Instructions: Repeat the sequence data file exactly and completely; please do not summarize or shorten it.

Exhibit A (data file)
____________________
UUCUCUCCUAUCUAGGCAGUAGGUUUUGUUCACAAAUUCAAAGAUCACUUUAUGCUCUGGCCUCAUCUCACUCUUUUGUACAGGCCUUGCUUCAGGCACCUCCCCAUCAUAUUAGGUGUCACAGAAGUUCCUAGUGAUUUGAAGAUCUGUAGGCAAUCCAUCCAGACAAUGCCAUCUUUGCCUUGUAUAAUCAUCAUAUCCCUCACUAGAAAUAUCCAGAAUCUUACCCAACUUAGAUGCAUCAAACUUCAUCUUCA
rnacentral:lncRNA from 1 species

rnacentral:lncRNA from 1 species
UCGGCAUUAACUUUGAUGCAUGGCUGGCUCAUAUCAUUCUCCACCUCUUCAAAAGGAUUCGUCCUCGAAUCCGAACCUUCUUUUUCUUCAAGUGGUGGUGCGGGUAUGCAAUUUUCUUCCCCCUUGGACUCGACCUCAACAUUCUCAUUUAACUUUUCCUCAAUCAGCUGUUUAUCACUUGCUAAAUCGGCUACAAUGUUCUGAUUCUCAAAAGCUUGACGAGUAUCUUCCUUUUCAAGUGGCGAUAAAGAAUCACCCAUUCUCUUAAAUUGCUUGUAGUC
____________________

UUCUCUCCUAUCUAGGCAGUAGGUUUUGUUCACAAAUUCAAAGAUCACUUUAUGCUCUGGCCUCAUCUCACUCUUUUGUACAGGCCUUGCUUCAGGCACCUCCCCAUCAUAUUAGGUGUCACAGAAGUUCCUAGUGAUUUGAAGAUCUGUAGGCAAUCCAUCCAGACAAUGCCAUCUUUGCCUUGUAUAAUCAUCAUAUCCCUCACUAGAAAUAUCCAGAAUCUUACCCAACUUAGAUGCAUCAAACUUCAUCUUCA
rnacentral:lncRNA from 1 species

rnacentral:lncRNA from 1 species
UCGGCAUUAACUUUGAUGCAUGGCUGGCUCAUAUCAUUCUCCACCUCUUCAAAAGGAUUCGUCCUCGAAUCCGAACCUUCUUUUUCUUCAAGUGGUGGUGCGGGUAUGCAAUUUUCUUCCCCCUUGGACUCGACCUCAACAUUCUCAUUUAACUUUUCCUCAAUCAGCUGUUUAUCACUUGCUAAAUCGGCUACAAUGUUCUGAUUCUCAAAAGCUUGACGAGUAUCUUCCUUUUCAAGUGGCGAUAAAGAAUCACCCAUUCUCUUAAAUUGCUUGUAGUC